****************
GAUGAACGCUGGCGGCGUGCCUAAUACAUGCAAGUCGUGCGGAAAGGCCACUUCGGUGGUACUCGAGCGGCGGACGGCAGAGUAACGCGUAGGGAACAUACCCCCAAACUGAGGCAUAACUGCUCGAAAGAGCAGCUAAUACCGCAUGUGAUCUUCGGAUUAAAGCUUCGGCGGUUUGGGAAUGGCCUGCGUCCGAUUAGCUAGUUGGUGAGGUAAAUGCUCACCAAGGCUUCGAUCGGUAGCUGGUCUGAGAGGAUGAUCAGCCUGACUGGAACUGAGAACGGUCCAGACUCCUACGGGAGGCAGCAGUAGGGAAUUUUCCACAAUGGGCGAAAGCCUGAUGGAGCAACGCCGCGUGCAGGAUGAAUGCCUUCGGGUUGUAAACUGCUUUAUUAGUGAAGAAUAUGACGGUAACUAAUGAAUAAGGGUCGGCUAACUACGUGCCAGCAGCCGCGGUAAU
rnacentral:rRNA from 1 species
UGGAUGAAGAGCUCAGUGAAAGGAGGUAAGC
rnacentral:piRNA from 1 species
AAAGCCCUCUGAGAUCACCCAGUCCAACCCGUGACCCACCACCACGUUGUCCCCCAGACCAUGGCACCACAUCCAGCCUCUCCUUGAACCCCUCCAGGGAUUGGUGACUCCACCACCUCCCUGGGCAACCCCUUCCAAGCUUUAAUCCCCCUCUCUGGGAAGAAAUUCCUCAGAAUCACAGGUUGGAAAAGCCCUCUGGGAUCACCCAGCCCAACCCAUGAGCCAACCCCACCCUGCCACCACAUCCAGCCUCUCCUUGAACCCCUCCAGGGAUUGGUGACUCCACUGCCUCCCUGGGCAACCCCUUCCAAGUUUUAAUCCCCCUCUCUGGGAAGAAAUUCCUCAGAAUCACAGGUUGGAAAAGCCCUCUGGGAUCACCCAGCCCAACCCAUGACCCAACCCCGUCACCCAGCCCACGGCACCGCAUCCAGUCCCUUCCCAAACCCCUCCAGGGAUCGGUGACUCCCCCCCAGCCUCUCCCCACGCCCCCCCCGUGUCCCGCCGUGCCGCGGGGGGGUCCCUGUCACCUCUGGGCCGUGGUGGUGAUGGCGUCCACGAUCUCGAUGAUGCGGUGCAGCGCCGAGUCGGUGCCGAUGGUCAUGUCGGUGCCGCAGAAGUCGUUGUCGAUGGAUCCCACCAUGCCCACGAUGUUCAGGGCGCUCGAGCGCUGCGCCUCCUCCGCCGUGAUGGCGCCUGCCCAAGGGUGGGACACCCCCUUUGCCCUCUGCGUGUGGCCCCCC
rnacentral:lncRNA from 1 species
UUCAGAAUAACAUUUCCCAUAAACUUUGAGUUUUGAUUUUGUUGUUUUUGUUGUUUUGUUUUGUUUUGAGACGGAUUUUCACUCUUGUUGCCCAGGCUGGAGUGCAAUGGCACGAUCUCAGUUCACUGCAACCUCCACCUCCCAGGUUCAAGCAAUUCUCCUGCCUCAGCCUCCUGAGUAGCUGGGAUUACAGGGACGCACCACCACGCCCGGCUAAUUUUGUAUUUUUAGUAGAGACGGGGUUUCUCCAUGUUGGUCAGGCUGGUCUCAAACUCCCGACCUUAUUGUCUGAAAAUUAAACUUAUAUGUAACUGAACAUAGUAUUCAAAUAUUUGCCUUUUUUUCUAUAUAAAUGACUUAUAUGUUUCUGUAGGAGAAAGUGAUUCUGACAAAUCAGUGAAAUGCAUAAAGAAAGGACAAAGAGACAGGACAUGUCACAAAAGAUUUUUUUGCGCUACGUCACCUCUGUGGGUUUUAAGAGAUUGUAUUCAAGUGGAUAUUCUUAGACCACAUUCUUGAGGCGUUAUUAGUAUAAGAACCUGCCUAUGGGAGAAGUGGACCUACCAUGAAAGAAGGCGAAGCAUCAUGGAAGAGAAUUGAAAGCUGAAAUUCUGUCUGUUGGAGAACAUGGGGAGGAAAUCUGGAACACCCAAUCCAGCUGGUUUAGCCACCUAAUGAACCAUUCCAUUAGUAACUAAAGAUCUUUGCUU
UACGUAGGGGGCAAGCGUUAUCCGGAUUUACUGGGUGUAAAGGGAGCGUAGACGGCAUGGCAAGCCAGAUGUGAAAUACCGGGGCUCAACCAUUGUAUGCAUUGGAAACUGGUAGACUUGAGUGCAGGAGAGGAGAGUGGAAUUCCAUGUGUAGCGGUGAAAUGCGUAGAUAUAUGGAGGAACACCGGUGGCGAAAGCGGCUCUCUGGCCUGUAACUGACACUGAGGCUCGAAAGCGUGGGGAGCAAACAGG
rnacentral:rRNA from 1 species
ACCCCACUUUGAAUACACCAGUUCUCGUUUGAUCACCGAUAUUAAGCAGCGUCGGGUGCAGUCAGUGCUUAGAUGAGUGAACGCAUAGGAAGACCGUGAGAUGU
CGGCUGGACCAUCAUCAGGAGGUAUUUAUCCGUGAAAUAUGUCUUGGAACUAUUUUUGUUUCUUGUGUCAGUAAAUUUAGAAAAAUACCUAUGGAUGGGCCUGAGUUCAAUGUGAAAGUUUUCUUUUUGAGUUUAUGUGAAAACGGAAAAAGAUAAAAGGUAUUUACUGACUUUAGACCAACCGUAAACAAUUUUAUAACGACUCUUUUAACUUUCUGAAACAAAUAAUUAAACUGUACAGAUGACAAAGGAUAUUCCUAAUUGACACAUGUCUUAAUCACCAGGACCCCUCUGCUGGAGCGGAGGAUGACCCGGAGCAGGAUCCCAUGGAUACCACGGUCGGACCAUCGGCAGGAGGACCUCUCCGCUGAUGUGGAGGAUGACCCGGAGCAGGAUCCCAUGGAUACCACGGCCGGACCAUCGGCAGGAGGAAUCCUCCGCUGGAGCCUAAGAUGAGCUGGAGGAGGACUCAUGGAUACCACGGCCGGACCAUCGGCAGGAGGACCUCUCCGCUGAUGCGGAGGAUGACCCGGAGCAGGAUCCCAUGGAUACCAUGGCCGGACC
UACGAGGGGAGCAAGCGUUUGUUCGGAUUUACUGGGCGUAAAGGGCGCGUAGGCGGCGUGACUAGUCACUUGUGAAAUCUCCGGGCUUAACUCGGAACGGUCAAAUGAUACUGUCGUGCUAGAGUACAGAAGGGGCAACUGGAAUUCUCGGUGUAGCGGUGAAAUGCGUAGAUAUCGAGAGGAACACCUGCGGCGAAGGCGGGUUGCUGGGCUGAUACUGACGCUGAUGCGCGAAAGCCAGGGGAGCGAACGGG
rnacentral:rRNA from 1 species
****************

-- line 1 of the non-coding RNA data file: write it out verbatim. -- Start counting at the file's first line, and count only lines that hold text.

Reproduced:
GAUGAACGCUGGCGGCGUGCCUAAUACAUGCAAGUCGUGCGGAAAGGCCACUUCGGUGGUACUCGAGCGGCGGACGGCAGAGUAACGCGUAGGGAACAUACCCCCAAACUGAGGCAUAACUGCUCGAAAGAGCAGCUAAUACCGCAUGUGAUCUUCGGAUUAAAGCUUCGGCGGUUUGGGAAUGGCCUGCGUCCGAUUAGCUAGUUGGUGAGGUAAAUGCUCACCAAGGCUUCGAUCGGUAGCUGGUCUGAGAGGAUGAUCAGCCUGACUGGAACUGAGAACGGUCCAGACUCCUACGGGAGGCAGCAGUAGGGAAUUUUCCACAAUGGGCGAAAGCCUGAUGGAGCAACGCCGCGUGCAGGAUGAAUGCCUUCGGGUUGUAAACUGCUUUAUUAGUGAAGAAUAUGACGGUAACUAAUGAAUAAGGGUCGGCUAACUACGUGCCAGCAGCCGCGGUAAU